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Pharmaceutical Research

, Volume 34, Issue 4, pp 687–695 | Cite as

Using the Slug Mucosal Irritation Assay to Investigate the Tolerability of Tablet Excipients on Human Skin in the Context of the Use of a Nipple Shield Delivery System

  • Richard Kendall
  • Joke Lenoir
  • Stephen Gerrard
  • Rebekah L. Scheuerle
  • Nigel K. H. Slater
  • Catherine Tuleu
Research Paper

Abstract

Purpose

Neonates are particularly challenging to treat. A novel patented drug delivery device containing a rapidly disintegrating tablet held within a modified nipple shield (NSDS) was designed to deliver medication to infants during breastfeeding. However concerns exist around dermatological nipple tolerability with no pharmaceutical safety assessment guidance to study local tissue tolerance of the nipple and the areola. This is the first Slug Mucosal Irritation (SMI) study to evaluate irritancy potential of GRAS excipients commonly used to manufacture rapidly disintegrating immediate release solid oral dosage form

Methods

Zinc sulphate selected as the antidiarrheal model drug that reduces infant mortality, was blended with functional excipients at traditional levels [microcrystalline cellulose, sodium starch glycolate, croscarmellose sodium, magnesium stearate]. Slugs were exposed to blends slurried in human breast milk to assess their stinging, itching or burning potential, using objective values such as mucus production to categorize irritation potency

Results

Presently an in vivo assay, previously validated for prediction of ocular and nasal irritation, was used as an alternative to vertebrate models to anticipate the potential maternal dermatological tolerability issues to NSDS tablet components. The excipients did not elicit irritancy. However, mild irritancy was observed when zinc sulphate was present in blends.

Conclusion

These promising good tolerability results support the continued investigation of these excipients within NSDS rapidly disintegrating tablet formulations. Topical local tolerance effects being almost entirely limited to irritation, the slug assay potentially adds to the existing preformulation toolbox, and may sit in between the in vitro and existing in vivo assays.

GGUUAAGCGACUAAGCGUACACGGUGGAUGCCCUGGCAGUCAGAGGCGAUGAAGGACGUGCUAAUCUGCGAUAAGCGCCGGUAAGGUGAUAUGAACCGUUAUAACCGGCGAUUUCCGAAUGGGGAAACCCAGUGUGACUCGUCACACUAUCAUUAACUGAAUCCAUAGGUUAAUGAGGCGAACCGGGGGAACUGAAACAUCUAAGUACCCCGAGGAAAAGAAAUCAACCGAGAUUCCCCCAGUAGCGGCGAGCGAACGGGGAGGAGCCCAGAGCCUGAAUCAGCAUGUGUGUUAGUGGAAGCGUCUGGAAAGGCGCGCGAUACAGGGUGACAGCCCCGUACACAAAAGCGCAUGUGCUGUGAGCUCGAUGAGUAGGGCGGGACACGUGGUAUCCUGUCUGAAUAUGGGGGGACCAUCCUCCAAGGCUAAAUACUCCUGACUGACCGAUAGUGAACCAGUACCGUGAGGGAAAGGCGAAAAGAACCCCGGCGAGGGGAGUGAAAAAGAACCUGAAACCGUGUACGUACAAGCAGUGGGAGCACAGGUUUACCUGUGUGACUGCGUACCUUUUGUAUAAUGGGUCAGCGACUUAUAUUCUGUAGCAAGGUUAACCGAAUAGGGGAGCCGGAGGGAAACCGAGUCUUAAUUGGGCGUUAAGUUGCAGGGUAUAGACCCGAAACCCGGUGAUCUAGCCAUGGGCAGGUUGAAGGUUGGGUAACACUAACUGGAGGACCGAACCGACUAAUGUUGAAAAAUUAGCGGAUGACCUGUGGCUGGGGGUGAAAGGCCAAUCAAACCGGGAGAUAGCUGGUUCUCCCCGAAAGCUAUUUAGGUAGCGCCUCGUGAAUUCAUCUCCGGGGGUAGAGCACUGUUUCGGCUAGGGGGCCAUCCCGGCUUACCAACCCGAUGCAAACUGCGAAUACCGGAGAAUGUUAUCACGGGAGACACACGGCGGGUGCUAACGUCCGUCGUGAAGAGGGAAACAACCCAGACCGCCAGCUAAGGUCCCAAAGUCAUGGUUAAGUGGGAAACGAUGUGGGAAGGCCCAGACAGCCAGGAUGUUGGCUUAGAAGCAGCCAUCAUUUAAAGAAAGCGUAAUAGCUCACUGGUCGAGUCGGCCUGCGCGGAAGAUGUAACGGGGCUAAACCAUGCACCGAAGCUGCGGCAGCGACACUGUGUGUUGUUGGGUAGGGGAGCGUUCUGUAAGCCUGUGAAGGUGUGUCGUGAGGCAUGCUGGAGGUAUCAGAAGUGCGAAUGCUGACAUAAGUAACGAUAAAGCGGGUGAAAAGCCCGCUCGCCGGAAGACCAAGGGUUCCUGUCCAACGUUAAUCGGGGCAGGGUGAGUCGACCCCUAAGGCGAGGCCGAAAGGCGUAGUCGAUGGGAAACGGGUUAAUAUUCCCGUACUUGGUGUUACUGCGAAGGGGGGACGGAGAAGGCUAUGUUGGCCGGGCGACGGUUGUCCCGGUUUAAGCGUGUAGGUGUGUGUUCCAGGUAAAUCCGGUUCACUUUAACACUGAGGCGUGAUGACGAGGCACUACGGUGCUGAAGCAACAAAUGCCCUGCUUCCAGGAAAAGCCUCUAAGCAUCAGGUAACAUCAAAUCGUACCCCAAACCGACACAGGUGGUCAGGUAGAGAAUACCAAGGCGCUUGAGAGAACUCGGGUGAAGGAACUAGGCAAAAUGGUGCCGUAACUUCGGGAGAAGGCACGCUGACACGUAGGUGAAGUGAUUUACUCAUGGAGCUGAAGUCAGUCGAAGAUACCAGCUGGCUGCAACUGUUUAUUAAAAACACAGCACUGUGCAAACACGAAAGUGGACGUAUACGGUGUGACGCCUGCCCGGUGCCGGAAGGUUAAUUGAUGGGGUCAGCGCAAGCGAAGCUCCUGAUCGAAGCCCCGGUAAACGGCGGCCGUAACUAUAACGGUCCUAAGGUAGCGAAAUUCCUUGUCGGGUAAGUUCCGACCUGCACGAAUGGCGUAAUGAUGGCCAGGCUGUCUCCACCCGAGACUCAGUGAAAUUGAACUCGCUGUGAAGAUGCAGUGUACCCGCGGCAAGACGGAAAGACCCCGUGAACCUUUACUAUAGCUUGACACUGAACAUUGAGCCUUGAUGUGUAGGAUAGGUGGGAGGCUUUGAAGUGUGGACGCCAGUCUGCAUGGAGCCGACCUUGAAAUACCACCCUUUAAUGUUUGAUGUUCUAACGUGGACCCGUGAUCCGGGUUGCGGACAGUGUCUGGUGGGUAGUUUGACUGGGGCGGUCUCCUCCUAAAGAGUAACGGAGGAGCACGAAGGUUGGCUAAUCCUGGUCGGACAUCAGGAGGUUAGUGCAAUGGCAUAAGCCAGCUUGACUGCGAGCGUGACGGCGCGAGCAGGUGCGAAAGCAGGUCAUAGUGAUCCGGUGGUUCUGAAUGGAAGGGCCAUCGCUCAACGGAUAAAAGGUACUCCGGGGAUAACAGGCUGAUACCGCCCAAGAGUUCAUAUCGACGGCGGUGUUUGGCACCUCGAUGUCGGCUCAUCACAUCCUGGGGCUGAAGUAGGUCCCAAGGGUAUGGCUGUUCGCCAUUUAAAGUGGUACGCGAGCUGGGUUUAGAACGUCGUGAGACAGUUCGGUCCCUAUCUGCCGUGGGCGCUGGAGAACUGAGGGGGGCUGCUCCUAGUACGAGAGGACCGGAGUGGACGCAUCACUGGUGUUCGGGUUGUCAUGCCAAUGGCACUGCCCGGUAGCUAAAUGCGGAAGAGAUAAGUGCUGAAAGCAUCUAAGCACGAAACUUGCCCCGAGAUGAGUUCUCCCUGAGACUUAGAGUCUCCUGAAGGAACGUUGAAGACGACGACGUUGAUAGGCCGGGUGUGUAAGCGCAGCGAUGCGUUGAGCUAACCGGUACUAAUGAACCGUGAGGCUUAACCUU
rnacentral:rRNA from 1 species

KEY WORDS

nipple shield delivery system pediatric skin tolerability slug mucosal irritation assay tablet excipients 

Abbreviations

API

Active pharmaceutical ingredient

BAC

Benzalkonium chloride

CP

Contact period

GRAS

Generally recognised as safe

HBM

Human breast milk

HIV

Human immunodeficiency virus

HLTV

Human T-lymphotropic virus

MP

Mucus production

NC

Negative control

NSDS

Nipple shield delivery system

PBS

Phosphate buffered saline

PC

Positive control

REC

Research ethics committee

SIB

Stinging, itching or burning

SMI

Slug mucosal irritation

Notes

ACKNOWLEDGMENTS AND DISCLOSURES

This work was made possible through the support of the Saving Lives at Birth partners: the United States Agency for International Development (USAID), the Government of Norway, the Bill & Melinda Gates Foundation, Grand Challenges Canada, and the UK Department for International Development (DFID). Additional support was provided by the Gates Cambridge Trust.

Many thanks go to Gillian Weaver, manager of the Queen Charlotte’s and Chelsea Hospital Milk Bank (Imperial College Healthcare NHS Trust) for coordinating access to the HBM samples. These samples were provided by the Imperial College Healthcare NHS Trust Tissue Bank. Other investigators may have received samples from these same tissues. The research was supported by the National Institute for Health Research (NIHR) Biomedical Research Centre based at Imperial College Healthcare NHS Trust and Imperial College London. The views expressed are those of the authors and not necessarily those of the NHS, the NIHR or the Department of Health.

Stephen Gerrard is an inventor of the nipple shield delivery system (US patent 8357117 B2. See http://justmilk.org).

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Copyright information

© Springer Science+Business Media New York 2017

Authors and Affiliations

  1. 1.School of PharmacyUniversity College LondonLondonUK
  2. 2.Faculty of Pharmaceutical SciencesUniversity of GhentGhentBelgium
  3. 3.Department of Chemical Engineering and BiotechnologyUniversity of CambridgeCambridgeUK

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